For example, if you bought shares in Intel Corporation (INTC) at the beginning of 2010, that stock would have produced a capital gain to date of approximately 50%.

But if you reinvested the dividends paid by Intel into new shares each quarter, your total investment return, including dividends and new shares, jumps to approximately 75%, which is a very big difference!

In the utility sector, Duke Energy Corporation (DUK) increased on the stock market about 30% over the last three years. But by reinvesting the company’s dividends into new shares during that same time period, your total return could have climbed to around 49%. Again, this is a material improvement.

Of course, dividend reinvestment excludes the potential returns to be had with the income being applied to other potential assets.

But the process is so easy, and … Read More

Why This Institutional Favorite Tops My List of Stocks

By for Profit Confidential

Why This Company Is One Great Long-Term PlayOne of my favorite companies for long-term, income-seeking investors is Johnson & Johnson (JNJ).

While pharmaceuticals are the company’s anchor, its other business lines help with cash flow and dividend increases.

Investors have bid Johnson & Johnson shares tremendously in recent years, and it’s difficult to consider buying the company now, as the position is up another 10 points since March.

But Johnson & Johnson is the kind of stock income-seeking investors should keep an eye on for more attractive entry points, even though they may not come around all that often. The most recent possible entry points were in late September of last year and late January of this year.

My expectations for a mature company like this is for total annual sales to grow by the mid-single digits, with earnings growth and dividends producing an approximate 10% total annual return.

With a 10% annual return on investment, your money doubles every seven years.

Johnson & Johnson is typically priced at a slight premium to the S&P 500, but the company has earned its higher valuation by providing relatively consistent growth, reliable corporate outlooks, and a strong track record of dividend increases.

The company’s stock chart is featured below:

Johnson & Johnson Chart

Chart courtesy of www.StockCharts.com

Johnson & Johnson has typically been a good performer over the long term, but just like any large-cap, it can sit and produce no capital gains for long periods of time.

The position broke out at the beginning of 2013 after a number of years of modest capital gains. Institutional investors, wanting the earnings safety and solid dividends that the company provided, bid the stock … Read More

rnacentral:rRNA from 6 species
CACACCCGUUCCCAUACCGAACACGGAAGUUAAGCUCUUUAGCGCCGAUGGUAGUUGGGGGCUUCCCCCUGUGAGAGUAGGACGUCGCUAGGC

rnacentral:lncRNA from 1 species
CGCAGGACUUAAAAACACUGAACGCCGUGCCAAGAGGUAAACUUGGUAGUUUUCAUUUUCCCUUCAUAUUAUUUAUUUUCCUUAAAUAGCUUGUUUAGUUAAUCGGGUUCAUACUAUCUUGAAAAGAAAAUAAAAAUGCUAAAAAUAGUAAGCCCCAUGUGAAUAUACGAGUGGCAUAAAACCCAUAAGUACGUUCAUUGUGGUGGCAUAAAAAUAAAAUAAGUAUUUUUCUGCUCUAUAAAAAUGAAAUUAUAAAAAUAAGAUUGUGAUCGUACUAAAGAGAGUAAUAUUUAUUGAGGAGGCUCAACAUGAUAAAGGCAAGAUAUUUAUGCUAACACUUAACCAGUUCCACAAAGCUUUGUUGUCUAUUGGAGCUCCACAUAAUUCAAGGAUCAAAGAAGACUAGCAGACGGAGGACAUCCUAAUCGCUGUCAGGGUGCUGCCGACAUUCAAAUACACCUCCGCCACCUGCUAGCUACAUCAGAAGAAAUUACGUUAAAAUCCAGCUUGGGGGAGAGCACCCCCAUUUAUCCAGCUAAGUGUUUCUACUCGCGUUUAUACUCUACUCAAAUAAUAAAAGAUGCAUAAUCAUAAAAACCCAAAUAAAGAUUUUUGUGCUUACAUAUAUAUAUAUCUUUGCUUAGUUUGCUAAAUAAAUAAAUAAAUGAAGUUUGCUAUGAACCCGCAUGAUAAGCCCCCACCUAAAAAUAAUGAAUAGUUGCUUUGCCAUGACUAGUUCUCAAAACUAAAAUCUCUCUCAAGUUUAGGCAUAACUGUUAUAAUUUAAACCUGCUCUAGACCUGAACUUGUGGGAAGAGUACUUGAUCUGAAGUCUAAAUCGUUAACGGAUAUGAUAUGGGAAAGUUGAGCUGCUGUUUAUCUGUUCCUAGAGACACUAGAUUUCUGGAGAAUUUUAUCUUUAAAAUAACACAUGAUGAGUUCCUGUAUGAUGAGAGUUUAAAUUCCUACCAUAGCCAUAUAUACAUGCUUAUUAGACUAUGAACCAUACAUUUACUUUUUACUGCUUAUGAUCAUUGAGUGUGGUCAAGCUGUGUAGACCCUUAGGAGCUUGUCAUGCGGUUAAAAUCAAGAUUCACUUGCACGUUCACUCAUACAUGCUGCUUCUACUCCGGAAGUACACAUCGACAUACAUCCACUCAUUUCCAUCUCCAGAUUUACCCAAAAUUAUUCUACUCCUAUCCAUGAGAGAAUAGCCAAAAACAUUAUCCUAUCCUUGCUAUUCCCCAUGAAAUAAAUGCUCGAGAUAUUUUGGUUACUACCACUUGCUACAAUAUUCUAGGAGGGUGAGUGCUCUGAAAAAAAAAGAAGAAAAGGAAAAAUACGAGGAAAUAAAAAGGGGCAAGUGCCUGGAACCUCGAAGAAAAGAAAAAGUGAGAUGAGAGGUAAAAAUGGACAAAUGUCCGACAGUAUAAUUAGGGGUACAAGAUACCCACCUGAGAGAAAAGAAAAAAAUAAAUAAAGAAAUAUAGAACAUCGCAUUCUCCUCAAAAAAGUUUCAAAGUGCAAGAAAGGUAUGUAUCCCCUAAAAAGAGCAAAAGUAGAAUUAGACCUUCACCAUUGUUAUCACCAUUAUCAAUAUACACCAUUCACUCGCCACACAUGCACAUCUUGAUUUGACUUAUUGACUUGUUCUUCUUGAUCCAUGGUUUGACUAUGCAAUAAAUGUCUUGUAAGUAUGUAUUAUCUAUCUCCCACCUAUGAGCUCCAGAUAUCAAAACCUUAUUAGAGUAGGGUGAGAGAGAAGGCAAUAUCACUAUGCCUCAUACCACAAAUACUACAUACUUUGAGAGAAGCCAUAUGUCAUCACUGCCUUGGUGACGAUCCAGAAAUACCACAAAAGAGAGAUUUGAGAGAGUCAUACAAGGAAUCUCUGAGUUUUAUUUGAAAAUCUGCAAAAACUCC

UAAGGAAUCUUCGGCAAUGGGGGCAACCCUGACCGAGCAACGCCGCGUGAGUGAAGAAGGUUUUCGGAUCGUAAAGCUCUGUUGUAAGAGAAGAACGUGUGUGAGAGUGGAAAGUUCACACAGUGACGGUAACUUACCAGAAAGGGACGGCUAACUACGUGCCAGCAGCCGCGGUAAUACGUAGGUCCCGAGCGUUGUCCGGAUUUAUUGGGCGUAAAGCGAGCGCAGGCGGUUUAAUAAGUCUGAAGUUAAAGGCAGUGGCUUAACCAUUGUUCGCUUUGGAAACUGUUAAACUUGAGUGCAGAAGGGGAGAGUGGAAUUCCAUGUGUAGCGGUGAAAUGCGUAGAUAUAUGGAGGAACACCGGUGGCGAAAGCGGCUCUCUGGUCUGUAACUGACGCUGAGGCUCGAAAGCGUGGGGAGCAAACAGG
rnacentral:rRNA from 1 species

Your Top Priority When Investing in a Record-High Market

By for Profit Confidential

What to Prioritize with Stocks at an All-time HighStocks are going to gyrate around second-quarter earnings, but that’s exactly what this market needs—the corporate bottom line and expectations for the rest of the year.

With so many stocks trading at their all-time record-highs, I view investment risk in equities as being high at this time.

This is actually a tough environment in which to be an investor looking for new positions. There’s not a lot of value around and good businesses have already been bid.

It’s been years now since the stock market was first in need of a material price correction, and the next one will probably come out of nowhere.

It could be a shock from the Federal Reserve, but the central bank has been extremely delicate in how it effects and communicates monetary policy. More likely, stocks will be vulnerable to an unforeseen shock like a geopolitical event or a big derivative trade gone bad.

The risks are out there and stocks are long overdue for a reckoning.

With this in mind, I’m still a fan of the market’s existing winners, especially dividend-paying blue chips. In the absence of a shock, I think they’ll just keep pushing new highs going right into 2015.

3M Company (MMM) is an enterprise worth following and owning as a long-term, income-seeking investor.

The company’s earnings are material and offer good market intelligence, even if you aren’t interested in owning the stock.

The position has tripled in value on the stock market since the beginning of 2009, while also paying some great dividends.

The stock is still strong in the current environment, and the company represents exactly the kind of … Read More

What Investors Need to Know About the Current Market Cycle

By for Profit Confidential